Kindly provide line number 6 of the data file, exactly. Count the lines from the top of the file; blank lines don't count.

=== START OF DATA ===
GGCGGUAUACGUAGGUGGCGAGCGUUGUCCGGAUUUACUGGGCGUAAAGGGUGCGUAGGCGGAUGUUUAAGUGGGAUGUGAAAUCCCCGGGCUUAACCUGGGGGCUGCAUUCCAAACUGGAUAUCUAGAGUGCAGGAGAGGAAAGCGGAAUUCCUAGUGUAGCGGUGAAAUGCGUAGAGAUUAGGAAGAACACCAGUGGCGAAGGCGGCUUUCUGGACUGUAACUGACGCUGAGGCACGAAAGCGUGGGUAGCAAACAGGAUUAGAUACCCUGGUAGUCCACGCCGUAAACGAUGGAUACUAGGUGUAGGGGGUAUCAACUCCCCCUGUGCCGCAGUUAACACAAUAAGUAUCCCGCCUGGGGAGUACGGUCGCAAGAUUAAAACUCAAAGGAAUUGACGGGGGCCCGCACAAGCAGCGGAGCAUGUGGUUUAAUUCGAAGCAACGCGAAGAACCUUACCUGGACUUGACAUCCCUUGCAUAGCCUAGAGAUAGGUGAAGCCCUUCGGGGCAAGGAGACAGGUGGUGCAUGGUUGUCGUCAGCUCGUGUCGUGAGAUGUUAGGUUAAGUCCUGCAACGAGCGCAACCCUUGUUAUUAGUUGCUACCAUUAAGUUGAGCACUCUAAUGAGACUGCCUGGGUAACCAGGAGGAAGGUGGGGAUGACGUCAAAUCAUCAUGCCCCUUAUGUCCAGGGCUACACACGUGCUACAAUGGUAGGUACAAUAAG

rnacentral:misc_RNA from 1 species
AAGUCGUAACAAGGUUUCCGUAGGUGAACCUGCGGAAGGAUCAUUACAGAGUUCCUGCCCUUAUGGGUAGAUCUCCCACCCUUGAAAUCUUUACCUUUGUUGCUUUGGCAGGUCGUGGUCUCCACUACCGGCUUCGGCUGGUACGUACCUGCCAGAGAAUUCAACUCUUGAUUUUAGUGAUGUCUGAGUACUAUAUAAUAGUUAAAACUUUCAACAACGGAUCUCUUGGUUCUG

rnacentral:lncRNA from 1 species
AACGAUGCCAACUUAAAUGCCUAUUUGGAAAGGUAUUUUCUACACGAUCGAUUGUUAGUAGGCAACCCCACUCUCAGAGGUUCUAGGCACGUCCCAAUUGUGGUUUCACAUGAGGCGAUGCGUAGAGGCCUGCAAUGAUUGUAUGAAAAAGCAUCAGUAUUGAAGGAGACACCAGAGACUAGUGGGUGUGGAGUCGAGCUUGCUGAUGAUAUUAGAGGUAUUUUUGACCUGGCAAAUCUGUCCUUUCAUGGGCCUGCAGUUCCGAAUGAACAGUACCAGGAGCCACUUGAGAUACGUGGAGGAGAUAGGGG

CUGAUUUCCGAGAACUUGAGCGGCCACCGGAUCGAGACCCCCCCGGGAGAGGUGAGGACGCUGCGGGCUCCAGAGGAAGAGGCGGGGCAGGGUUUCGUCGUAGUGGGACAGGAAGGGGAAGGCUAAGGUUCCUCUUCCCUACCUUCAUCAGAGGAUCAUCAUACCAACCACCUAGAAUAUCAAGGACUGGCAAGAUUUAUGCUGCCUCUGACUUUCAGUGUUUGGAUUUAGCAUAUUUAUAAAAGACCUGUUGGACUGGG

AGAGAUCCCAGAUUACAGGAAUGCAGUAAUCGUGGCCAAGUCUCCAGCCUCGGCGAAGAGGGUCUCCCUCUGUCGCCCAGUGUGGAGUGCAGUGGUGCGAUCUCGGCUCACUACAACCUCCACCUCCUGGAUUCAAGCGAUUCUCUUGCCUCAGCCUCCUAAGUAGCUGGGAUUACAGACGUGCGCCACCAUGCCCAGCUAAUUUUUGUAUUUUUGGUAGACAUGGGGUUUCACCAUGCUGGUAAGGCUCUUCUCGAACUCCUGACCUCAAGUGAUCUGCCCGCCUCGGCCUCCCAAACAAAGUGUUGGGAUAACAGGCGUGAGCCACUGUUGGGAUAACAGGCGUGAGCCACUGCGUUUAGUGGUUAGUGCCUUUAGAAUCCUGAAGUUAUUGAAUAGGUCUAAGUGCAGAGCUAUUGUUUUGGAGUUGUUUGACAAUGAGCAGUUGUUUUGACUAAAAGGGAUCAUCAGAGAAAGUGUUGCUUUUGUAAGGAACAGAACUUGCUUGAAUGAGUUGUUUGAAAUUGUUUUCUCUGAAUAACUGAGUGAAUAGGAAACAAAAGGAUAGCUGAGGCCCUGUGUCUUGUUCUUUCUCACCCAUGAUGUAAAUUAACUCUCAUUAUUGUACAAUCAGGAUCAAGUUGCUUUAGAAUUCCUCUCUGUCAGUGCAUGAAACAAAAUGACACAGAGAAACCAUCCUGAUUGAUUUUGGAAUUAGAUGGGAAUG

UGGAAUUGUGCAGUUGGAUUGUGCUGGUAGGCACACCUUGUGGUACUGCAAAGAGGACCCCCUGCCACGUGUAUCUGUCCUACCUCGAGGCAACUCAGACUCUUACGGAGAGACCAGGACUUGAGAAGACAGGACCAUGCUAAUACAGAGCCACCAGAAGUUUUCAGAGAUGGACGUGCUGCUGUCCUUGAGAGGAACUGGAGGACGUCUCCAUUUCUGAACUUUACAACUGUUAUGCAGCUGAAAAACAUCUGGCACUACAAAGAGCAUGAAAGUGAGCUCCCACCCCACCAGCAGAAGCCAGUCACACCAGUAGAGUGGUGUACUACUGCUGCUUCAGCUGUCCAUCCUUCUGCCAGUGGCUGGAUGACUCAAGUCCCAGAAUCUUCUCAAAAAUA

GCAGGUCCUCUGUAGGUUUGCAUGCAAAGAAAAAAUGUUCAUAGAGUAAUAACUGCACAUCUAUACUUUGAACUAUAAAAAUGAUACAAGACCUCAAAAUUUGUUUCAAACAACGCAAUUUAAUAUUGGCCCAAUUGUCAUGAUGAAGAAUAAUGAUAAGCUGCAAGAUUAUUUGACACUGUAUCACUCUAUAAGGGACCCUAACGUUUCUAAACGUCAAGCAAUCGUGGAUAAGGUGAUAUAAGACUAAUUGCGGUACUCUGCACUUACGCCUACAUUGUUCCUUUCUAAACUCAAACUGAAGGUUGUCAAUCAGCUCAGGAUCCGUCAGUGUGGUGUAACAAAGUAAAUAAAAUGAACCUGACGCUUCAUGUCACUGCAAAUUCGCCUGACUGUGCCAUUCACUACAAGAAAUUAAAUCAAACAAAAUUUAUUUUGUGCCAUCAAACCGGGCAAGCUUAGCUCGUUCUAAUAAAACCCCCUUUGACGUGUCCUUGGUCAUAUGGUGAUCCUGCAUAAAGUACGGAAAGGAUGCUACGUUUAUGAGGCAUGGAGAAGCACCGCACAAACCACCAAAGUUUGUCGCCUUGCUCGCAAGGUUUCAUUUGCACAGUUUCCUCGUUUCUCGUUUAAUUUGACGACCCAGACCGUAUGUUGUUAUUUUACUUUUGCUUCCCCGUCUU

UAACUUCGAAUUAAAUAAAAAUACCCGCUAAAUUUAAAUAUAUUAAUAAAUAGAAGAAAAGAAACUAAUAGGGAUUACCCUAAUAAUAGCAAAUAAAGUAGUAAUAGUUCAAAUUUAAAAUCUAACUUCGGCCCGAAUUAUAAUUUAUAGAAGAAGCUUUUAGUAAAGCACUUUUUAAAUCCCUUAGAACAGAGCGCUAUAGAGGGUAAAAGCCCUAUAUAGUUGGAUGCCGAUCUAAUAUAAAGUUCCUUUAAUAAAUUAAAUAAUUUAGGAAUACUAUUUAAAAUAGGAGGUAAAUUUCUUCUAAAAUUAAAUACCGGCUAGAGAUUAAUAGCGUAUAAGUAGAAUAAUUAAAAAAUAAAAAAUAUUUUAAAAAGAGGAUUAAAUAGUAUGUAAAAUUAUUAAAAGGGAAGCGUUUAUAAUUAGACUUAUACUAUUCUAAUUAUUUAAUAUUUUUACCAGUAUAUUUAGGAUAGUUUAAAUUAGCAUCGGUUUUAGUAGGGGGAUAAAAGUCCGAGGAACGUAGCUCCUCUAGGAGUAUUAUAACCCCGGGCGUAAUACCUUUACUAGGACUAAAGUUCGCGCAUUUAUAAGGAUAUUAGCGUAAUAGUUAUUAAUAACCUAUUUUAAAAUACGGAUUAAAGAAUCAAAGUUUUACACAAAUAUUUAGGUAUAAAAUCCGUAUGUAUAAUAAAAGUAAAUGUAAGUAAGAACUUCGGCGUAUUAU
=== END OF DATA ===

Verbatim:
CUGAUUUCCGAGAACUUGAGCGGCCACCGGAUCGAGACCCCCCCGGGAGAGGUGAGGACGCUGCGGGCUCCAGAGGAAGAGGCGGGGCAGGGUUUCGUCGUAGUGGGACAGGAAGGGGAAGGCUAAGGUUCCUCUUCCCUACCUUCAUCAGAGGAUCAUCAUACCAACCACCUAGAAUAUCAAGGACUGGCAAGAUUUAUGCUGCCUCUGACUUUCAGUGUUUGGAUUUAGCAUAUUUAUAAAAGACCUGUUGGACUGGG